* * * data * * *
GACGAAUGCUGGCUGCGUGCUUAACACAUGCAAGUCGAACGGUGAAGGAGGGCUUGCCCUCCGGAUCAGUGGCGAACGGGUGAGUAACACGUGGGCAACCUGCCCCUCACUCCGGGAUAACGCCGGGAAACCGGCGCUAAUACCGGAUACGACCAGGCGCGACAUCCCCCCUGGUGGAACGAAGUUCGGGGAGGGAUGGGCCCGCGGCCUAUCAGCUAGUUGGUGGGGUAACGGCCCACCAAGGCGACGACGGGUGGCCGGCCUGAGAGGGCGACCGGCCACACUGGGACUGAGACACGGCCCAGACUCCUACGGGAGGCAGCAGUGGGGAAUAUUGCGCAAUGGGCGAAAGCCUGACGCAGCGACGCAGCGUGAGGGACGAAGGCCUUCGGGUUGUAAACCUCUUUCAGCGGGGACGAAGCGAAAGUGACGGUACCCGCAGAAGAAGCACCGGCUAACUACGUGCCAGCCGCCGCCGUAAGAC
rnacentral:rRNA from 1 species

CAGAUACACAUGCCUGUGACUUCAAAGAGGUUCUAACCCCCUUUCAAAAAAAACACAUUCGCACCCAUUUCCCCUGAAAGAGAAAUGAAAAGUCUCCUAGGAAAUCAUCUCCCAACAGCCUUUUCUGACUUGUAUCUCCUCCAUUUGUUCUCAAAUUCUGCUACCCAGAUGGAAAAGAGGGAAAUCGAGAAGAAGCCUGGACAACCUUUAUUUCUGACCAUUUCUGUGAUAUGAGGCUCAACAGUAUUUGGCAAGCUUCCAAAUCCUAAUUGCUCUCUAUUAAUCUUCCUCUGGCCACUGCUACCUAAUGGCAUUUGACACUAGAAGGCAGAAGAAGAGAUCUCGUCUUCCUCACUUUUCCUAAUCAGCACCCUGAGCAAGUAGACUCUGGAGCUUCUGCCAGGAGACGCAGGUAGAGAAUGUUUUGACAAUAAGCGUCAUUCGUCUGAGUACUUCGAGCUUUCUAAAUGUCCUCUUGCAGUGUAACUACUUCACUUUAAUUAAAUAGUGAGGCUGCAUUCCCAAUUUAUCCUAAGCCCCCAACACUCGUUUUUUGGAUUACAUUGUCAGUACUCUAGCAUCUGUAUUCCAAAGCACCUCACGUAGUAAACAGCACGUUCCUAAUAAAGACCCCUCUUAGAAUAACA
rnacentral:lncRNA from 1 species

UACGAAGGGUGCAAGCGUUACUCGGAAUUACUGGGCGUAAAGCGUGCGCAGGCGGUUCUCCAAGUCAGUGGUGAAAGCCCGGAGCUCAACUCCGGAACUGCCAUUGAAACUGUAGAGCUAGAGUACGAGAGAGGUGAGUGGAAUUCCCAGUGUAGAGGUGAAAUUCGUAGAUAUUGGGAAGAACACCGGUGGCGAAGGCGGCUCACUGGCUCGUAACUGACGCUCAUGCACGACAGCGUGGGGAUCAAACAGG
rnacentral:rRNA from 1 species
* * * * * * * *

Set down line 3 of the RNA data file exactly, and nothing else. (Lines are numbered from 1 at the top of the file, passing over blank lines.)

CAGAUACACAUGCCUGUGACUUCAAAGAGGUUCUAACCCCCUUUCAAAAAAAACACAUUCGCACCCAUUUCCCCUGAAAGAGAAAUGAAAAGUCUCCUAGGAAAUCAUCUCCCAACAGCCUUUUCUGACUUGUAUCUCCUCCAUUUGUUCUCAAAUUCUGCUACCCAGAUGGAAAAGAGGGAAAUCGAGAAGAAGCCUGGACAACCUUUAUUUCUGACCAUUUCUGUGAUAUGAGGCUCAACAGUAUUUGGCAAGCUUCCAAAUCCUAAUUGCUCUCUAUUAAUCUUCCUCUGGCCACUGCUACCUAAUGGCAUUUGACACUAGAAGGCAGAAGAAGAGAUCUCGUCUUCCUCACUUUUCCUAAUCAGCACCCUGAGCAAGUAGACUCUGGAGCUUCUGCCAGGAGACGCAGGUAGAGAAUGUUUUGACAAUAAGCGUCAUUCGUCUGAGUACUUCGAGCUUUCUAAAUGUCCUCUUGCAGUGUAACUACUUCACUUUAAUUAAAUAGUGAGGCUGCAUUCCCAAUUUAUCCUAAGCCCCCAACACUCGUUUUUUGGAUUACAUUGUCAGUACUCUAGCAUCUGUAUUCCAAAGCACCUCACGUAGUAAACAGCACGUUCCUAAUAAAGACCCCUCUUAGAAUAACA